Toyota Tundra 200: A Hands-On Experience I'll Never Forget
Have you ever—either when you were a child or a teen, or perhaps in your adult years—been given a present that you built up in your mind to such an insane degree that, looking back, you realize there was no way just about anything could have met the expectations?
I know I have.
Alternately, have you ever so admired something that you described it to a friend, neighbor, or loved one in terms so glowing, that it was virtually inevitable that you would hear the words, “So this is what all the fuss was about (or something to that effect)?”
Once again, I’m guilty as charged.
But when was the last time that you were so genuinely enthused by some much-hyped event or present that you felt genuinely overwhelmed with gratitude? So moved that you also decided that you simply had to share it with as many people as possible?
That’s how I feel after Saturday’s Toyota Tundra 200 Camping World Truck Series race. I want to share my remarkable experience with the Bleacher Report readership, so that perhaps you, too, will experience the thrill of a lifetime.
Saturday morning, I awoke at precisely 7:36 a.m., refreshed yet anxious. As I looked at my alarm clock, which I had set for eight, I decided to try to nap for those last 24 minutes. I closed my eyes, expecting to be aroused by the noise maker.
Meanwhile, my mind—now dragging the rest of me in tow—was racing like a dragster (you expected a NASCAR metaphor, didn’t you?) on nitrous oxide overload.
What would the track look like? What about the trucks? Would I act like a deer in the headlights? Was I going to embarrass Bleacher Report? What time did I need to leave?
After what seemed like 20 minutes, I looked at the clock again, bracing myself for the jolt of the alarm that I felt sure was about to go off.
It was 7:42 a.m.
I had programmed the address to Nashville Superspeedway in my GPS the night before, and as I weaved my way through the intricate turns of the various connectors and headed for the suburb of Lebanon, my mind stayed in overdrive.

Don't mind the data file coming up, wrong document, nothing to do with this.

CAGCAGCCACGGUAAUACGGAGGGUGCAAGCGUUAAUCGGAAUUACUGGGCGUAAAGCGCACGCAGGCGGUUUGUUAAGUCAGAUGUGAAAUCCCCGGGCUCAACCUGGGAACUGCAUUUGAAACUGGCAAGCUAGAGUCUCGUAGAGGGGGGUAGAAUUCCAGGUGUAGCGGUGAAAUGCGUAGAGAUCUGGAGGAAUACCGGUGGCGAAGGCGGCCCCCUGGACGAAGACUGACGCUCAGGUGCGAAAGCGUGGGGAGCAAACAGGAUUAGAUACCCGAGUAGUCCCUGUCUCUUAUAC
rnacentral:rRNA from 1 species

At length, Julia II (the name of my GPS; doesn’t everyone give their GPS a name?) directed me to get off TN I-840 at Exit 65, Couchville Pike. As I stopped to make my left onto the Pike, I looked up and caught glimpse of one of the most magnificent sights.
Off in the distance, towering over the landscape like the Roman Colosseum, was the gleaming grandstand of the superspeedway.
“So that’s what big-time racing looks like!” I thought.
Moments later, however, the grand raceway was lost in the back roads of Lebanon, TN. In my mind, it was eerily similar to the situation with Memphis Motorsports Park back home. It’s actually situated on a tract of land in nearby Millington, TN.
Both tracks lead you down a blind country road, and wind you inexplicably through the rural countryside.
It’s almost as if the race tracks don’t even belong there, somehow.
After picking up my media credentials, I headed eastbound on Victory Lane Drive, made a left onto Bill France Avenue, and made a right onto Tunnel Drive.
The tunnel brought me directly onto the infield at the Superspeedway. However, it took a while to orient myself, and absorb just where I was. Because I was totally clueless.
I looked around, and saw a gigantic fence encircling me; no telling how many feet tall it was. I assumed that was the end of the property, and wondered just how it was I would get to the infield?
I drove to the end of the street, and parked in some gravel, just a few feet away from two ambulances and the Safety Station.
I looked behind me and to my right, and off in the distance was the grandstand, awe-inspiring as it cast its great shadow on the landscape which it dwarfed insignificantly.
I then looked straight ahead again, and saw what I figured was a concrete entrance tunnel. To my left, the same thing.
Where was the track? When was I going to see some asphalt? Some grass? The infield? Was I in the right damned place?
I was about to hop back in my car impatiently and drive around. Something wasn’t right.
But as I turned to get into my car, my mind came to a skidding halt with these words:
“You’re standing on the infield, dummy!”
I had passed the Media Center; the Care Center; and was a few feet away from the EMS. The concrete “entrance tunnel” was the track (I had expected asphalt); and the cavernous fence was the safety barrier, designed to keep spectators safe in the event of a wreck.
Was I going to be this lost all day?
Everything seemed so antiseptic. I expected to see tailgating parties and fans, and to hear stories of NASCAR events past. But I was on the infield, I kept reminding myself.
That, and it was only 10:21 in the morning; the race didn't start till 7:00 p.m.
I had to laugh at my own gullibility!
Over the next several hours, I absorbed the surroundings; found my way to the drivers’ trailers and garage; and started absorbing some of the stories within the story of the 2009 Nashville truck race.